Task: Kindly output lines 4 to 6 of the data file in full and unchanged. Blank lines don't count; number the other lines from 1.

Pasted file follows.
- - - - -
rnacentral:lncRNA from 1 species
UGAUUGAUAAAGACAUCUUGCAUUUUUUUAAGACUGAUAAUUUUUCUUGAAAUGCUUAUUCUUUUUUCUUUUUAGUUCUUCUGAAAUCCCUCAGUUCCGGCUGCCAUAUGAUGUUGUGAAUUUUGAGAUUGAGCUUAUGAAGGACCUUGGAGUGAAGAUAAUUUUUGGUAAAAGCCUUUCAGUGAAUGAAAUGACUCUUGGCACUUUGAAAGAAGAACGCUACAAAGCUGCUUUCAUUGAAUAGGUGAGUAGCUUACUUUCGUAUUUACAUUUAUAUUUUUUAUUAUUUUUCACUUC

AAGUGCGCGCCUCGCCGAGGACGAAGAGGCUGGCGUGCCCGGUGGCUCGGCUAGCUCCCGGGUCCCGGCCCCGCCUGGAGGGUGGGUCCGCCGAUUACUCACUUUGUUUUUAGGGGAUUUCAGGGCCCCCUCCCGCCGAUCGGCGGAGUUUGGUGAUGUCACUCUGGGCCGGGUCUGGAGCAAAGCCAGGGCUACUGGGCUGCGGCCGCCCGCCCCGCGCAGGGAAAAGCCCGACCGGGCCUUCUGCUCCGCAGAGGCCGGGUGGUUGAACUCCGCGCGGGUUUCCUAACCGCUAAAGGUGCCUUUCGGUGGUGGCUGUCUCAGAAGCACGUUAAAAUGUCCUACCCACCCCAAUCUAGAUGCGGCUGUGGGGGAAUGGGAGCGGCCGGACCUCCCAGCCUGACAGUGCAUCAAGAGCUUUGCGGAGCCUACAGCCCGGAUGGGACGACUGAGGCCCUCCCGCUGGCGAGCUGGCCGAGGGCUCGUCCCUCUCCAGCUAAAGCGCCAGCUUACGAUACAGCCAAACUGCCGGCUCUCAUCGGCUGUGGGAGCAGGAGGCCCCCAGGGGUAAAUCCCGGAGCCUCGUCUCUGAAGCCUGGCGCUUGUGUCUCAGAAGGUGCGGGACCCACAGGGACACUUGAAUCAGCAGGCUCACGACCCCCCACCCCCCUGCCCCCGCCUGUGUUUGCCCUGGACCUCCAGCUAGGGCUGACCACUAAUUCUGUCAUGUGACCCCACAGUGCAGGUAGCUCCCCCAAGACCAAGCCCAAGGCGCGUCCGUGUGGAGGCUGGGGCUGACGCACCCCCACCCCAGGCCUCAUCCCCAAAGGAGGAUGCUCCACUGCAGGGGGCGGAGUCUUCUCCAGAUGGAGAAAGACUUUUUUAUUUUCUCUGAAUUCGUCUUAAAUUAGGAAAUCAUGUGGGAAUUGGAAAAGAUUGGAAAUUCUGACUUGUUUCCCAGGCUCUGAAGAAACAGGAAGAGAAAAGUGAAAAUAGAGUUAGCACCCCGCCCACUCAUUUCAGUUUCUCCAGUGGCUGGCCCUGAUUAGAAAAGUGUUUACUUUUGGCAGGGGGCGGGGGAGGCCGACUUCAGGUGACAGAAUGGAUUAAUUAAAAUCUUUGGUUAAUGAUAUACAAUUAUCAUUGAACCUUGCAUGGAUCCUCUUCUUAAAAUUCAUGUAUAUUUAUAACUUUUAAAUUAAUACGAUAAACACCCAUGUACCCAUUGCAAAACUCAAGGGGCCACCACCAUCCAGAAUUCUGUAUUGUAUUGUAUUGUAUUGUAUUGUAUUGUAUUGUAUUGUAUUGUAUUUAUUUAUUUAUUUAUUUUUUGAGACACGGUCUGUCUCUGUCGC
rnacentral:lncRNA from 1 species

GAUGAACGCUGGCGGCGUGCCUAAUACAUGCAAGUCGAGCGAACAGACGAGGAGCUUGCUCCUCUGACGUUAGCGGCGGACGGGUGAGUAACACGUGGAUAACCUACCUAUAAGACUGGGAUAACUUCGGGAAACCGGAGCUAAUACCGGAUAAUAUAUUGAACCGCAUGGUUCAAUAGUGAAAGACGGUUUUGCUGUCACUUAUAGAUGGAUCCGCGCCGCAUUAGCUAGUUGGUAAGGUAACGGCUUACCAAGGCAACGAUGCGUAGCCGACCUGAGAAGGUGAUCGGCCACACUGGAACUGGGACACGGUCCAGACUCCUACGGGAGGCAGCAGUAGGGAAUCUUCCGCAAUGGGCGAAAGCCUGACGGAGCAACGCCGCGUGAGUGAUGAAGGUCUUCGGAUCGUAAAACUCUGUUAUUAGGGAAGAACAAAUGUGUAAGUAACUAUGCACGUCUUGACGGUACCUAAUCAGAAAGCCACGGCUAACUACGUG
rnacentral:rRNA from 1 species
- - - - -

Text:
rnacentral:lncRNA from 1 species

GAUGAACGCUGGCGGCGUGCCUAAUACAUGCAAGUCGAGCGAACAGACGAGGAGCUUGCUCCUCUGACGUUAGCGGCGGACGGGUGAGUAACACGUGGAUAACCUACCUAUAAGACUGGGAUAACUUCGGGAAACCGGAGCUAAUACCGGAUAAUAUAUUGAACCGCAUGGUUCAAUAGUGAAAGACGGUUUUGCUGUCACUUAUAGAUGGAUCCGCGCCGCAUUAGCUAGUUGGUAAGGUAACGGCUUACCAAGGCAACGAUGCGUAGCCGACCUGAGAAGGUGAUCGGCCACACUGGAACUGGGACACGGUCCAGACUCCUACGGGAGGCAGCAGUAGGGAAUCUUCCGCAAUGGGCGAAAGCCUGACGGAGCAACGCCGCGUGAGUGAUGAAGGUCUUCGGAUCGUAAAACUCUGUUAUUAGGGAAGAACAAAUGUGUAAGUAACUAUGCACGUCUUGACGGUACCUAAUCAGAAAGCCACGGCUAACUACGUG
rnacentral:rRNA from 1 species